Live pathogenic bacteria are ingested then live in the consumer's intestinal tract. These bacteria can be destroyed by cooking foods to suffiently high temperatures, usually 165°F or higher.
What are two examples of toxin-mediated infection?
Clostridium perfringens (aka CP), and Escherichia coli (aka E. Coli).
What does PHF stand for? What are their characteristics?
Potentially Hazardous Foods - generally are high in protein and include animal based products, cooked grains and some cooked vegetables.
How are the characteristics of a toxin-mediated infection?
When the living organisms are ingested, they establish colonies in humna or animal intestinal tracts where they then produce toxins.
What is the span of the "temperature danger zone"?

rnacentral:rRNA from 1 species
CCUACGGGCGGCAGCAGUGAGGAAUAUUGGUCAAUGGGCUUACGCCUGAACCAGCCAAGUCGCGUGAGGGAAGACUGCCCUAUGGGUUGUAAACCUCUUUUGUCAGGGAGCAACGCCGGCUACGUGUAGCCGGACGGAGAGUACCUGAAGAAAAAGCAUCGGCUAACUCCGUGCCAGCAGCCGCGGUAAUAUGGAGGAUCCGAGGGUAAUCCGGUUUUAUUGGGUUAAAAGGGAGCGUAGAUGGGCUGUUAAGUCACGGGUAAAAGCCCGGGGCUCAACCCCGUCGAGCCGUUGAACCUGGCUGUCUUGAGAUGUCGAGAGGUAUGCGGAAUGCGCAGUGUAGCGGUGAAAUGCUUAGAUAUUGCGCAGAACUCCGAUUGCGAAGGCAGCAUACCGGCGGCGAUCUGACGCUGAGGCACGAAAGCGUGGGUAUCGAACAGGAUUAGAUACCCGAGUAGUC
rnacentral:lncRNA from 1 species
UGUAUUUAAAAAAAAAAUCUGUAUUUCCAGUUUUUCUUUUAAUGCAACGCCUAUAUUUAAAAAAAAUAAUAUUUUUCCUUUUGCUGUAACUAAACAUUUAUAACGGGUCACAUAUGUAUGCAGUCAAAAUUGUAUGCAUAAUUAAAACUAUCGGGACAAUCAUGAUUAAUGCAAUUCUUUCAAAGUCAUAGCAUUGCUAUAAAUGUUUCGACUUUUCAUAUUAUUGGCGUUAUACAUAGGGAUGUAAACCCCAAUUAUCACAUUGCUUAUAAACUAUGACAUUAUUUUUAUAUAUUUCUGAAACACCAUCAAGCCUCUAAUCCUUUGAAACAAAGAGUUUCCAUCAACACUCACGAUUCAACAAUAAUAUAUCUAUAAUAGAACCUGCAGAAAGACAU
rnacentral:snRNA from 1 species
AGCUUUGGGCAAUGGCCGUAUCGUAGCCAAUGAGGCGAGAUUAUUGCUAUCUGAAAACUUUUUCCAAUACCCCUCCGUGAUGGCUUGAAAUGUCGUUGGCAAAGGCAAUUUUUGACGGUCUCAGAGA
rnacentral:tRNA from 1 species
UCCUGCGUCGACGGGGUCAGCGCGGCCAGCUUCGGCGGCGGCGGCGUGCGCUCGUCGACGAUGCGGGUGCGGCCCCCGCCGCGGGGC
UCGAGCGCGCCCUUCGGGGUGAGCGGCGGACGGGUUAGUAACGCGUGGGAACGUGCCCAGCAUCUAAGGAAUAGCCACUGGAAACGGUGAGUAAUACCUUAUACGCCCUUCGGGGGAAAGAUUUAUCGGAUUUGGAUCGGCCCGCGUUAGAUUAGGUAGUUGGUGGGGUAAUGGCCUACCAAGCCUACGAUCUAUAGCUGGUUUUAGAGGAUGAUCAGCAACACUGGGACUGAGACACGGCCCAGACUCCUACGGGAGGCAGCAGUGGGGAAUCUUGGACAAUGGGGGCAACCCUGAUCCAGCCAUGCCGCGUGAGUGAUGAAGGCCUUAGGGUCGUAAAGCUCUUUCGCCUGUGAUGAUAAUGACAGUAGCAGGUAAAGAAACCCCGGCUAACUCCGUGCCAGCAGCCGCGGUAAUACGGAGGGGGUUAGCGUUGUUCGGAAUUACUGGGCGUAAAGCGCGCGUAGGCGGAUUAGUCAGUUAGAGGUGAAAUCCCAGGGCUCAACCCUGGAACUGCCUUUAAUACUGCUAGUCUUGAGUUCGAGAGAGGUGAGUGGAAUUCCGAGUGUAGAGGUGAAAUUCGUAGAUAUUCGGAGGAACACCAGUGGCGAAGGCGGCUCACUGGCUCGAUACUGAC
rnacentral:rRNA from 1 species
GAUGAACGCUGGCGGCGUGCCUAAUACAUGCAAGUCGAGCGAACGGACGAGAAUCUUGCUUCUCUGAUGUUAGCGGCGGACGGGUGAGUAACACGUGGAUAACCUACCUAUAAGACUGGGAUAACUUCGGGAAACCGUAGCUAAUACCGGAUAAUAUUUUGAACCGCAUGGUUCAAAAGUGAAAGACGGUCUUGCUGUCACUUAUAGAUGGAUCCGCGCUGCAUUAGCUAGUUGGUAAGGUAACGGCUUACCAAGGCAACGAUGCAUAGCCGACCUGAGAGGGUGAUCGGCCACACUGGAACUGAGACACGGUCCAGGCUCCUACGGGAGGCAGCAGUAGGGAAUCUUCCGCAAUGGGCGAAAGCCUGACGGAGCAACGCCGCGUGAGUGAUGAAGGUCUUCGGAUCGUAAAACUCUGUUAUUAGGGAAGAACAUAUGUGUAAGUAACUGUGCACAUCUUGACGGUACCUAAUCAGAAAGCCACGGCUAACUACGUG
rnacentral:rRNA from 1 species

40°F to 140°F (aka 4°C to 60°C).
What does FDA stand for?
Food and Drug Administration
What does USDA stand for?
U.S. Department of Agriculture
Define: time-and-temperature principle
Keep hot foods hot and cold foods cold. This controls the growth of bacteria my maintaining internal temp of hot foor at 140°F or above, and cold food internal tem at 41°F or below.
Define: pH
A measurement of the acid or alkali content of a solution expressed on a scale of 0 to 14.0. A pH of 7.0 is considered neutral or balanced. Lower pH is more acidic, and higher pH is more alkaline.
What pH range do bacteria generally prefer?
pH of 6.6 to 7.5.
What are facultative bacteria?
Bacteria that can adapt and will survive with or without oxygen. Most pathogenic bacteria are this type.
Define: parasites
Tiny organisms that depend on nutrients from a living host to complete their life cycle.
What are three (3) types of parasites? and where do they commonly come from?
1) Trichinosis (pork or game)
2) Anisakiasis (fish organs)
3) Cyclospora (Produce from undeveloped countries and untreated water contaminated by feces.)
What are two (2) well-known examples of food-borne illnesses caused by viruses?